Vettel described race-winner Nico Rosberg and team-mate Hamilton as like "two buses going for a cruise" over the first few laps as they preserved their tyres in the opening stages, backing up the pack.
After starting from the front row, but given their tyre woes during grands prix this season, it was a tactic that worked for Mercedes.
In response to Vettel's dig, Hamilton said: "He has had the fastest car for the last four years, so it's easy for him to say that. He's got it easy.
"We are making our way up, we are learning, growing, improving with a car that has great potential, so I don't agree with him."
Hamilton has also apologised to Mercedes for his Monaco mistake he is now eager to atone for.
The Brackley-based team were on course for a one-two finish following their qualifying lock-out of the front row.
For the opening 29 laps all was going to plan as Rosberg led Hamilton until an accident involving Felipe Massa brought out the safety car for the first time this season.
It prompted a flurry of pit stops, with the Mercedes duo the last to change tyres and with Hamilton the loser as he dropped from second to fourth behind Red Bull duo Vettel and Mark Webber.
In order to avoid double stacking directly behind Rosberg, the 28-year-old slowed and tried to maintain a gap he believed would help, only for it to backfire.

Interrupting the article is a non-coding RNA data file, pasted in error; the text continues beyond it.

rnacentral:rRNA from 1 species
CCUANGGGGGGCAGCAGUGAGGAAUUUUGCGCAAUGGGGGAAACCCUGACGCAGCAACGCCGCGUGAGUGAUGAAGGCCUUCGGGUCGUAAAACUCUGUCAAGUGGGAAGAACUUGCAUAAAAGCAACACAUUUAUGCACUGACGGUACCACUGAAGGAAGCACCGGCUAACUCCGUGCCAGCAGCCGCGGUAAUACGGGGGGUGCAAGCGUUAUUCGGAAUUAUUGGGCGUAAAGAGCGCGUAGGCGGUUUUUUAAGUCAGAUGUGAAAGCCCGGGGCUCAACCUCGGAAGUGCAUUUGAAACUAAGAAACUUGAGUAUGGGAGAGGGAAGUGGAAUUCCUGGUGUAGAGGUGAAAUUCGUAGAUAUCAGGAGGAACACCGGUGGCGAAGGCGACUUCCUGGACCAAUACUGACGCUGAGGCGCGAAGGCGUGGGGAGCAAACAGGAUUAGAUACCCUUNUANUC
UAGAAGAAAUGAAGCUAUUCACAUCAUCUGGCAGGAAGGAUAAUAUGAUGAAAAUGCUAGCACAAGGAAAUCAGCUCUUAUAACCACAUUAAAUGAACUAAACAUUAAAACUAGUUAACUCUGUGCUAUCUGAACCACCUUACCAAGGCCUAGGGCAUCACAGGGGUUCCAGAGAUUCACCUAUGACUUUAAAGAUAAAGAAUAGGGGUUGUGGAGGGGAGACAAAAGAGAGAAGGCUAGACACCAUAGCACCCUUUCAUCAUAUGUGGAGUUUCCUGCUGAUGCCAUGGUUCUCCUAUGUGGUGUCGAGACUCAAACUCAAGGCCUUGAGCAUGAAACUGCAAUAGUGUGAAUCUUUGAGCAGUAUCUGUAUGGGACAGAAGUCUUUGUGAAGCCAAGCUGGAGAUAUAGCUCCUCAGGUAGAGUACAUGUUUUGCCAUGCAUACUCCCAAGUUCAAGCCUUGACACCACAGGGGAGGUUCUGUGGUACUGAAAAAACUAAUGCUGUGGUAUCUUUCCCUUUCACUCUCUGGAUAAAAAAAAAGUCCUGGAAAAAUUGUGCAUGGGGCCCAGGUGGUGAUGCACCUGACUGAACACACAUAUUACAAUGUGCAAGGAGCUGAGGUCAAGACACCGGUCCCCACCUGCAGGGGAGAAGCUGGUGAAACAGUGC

"I wasn't great under the safety car. The double pit stop didn't help and the safety car didn't help," said Hamilton.
"It wasn't the team's fault, it was my mistake. I was told to have a six-second gap and perhaps I had a bit more than six seconds, so I lost out massively.
"I slowed down far too much. When I came round into the pit lane Nico had already done his stop and was gone, so that was really my fault.
"I apologise to the team if I lost them any points because without the safety car I think we could have had a one-two, so (I was) a little unfortunate.
"The win was obviously good for the team. I hope I can contribute points-wise and give them a one-two at some stage.
"I just have to keep working harder because the whole weekend was a missed opportunity."
Lurking in the background, however, is the threat of heavy sanctions from the World Motor Sport Council should the FIA decide to pursue a case against Mercedes for conducting a secret tyre test with Pirelli.
With in-season testing banned, Mercedes face the possibility of being fined, points deducted, banned for a race, or even excluded from the championship.
Addressing the issue, Hamilton said: "We were required to do some work, we did some work, it was good fun.
"Right now I'm not concerned about it, that's for the team to worry about.
"I just have to focus on myself and try and get my act together."